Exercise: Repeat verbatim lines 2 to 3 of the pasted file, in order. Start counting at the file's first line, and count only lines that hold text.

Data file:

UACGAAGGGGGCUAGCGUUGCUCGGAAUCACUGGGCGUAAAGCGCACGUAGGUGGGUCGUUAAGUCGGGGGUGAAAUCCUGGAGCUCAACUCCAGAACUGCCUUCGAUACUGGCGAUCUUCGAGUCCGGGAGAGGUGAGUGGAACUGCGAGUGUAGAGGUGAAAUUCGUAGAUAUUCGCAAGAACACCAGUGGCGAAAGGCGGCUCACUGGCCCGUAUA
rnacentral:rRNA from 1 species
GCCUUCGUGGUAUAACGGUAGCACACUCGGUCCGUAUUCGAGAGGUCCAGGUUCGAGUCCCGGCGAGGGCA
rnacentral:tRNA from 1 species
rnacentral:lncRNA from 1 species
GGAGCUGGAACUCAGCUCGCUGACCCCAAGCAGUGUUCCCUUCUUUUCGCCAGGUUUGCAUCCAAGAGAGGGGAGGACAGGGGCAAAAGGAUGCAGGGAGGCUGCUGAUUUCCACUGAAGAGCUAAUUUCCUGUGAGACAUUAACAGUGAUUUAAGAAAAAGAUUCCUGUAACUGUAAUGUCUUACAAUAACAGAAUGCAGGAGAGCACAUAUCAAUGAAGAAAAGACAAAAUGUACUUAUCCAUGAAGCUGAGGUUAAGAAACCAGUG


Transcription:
rnacentral:rRNA from 1 species
GCCUUCGUGGUAUAACGGUAGCACACUCGGUCCGUAUUCGAGAGGUCCAGGUUCGAGUCCCGGCGAGGGCA